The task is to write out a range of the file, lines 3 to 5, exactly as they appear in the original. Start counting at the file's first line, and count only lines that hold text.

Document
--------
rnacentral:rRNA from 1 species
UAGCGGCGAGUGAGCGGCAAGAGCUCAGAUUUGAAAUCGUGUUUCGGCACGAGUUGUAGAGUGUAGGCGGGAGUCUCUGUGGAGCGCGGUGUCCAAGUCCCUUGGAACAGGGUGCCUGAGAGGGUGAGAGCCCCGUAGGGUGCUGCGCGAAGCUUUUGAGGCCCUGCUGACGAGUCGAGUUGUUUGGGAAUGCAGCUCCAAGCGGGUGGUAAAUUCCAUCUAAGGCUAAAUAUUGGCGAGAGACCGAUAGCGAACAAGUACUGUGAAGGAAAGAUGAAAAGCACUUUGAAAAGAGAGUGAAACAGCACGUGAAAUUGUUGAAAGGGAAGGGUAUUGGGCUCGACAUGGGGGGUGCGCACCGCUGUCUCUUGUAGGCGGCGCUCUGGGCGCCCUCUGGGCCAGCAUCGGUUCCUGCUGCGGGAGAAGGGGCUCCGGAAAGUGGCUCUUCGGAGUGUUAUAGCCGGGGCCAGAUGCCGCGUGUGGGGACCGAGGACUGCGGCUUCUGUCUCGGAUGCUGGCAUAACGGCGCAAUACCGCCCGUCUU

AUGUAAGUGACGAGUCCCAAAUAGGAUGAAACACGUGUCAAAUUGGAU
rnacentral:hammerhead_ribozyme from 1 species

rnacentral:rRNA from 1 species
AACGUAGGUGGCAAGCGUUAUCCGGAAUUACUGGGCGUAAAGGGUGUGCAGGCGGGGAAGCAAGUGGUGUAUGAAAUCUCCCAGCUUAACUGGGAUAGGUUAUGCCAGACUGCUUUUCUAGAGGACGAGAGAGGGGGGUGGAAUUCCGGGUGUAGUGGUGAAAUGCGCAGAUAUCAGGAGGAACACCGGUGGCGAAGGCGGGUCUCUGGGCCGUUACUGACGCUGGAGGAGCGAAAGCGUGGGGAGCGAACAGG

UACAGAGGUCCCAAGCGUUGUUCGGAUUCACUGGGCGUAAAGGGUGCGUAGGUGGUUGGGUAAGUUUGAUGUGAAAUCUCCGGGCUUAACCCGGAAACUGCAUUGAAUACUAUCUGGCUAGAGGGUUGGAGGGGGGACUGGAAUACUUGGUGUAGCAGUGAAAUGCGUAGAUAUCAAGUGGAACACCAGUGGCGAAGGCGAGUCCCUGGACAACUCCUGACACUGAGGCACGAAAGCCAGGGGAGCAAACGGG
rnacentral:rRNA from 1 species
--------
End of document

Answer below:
AUGUAAGUGACGAGUCCCAAAUAGGAUGAAACACGUGUCAAAUUGGAU
rnacentral:hammerhead_ribozyme from 1 species

rnacentral:rRNA from 1 species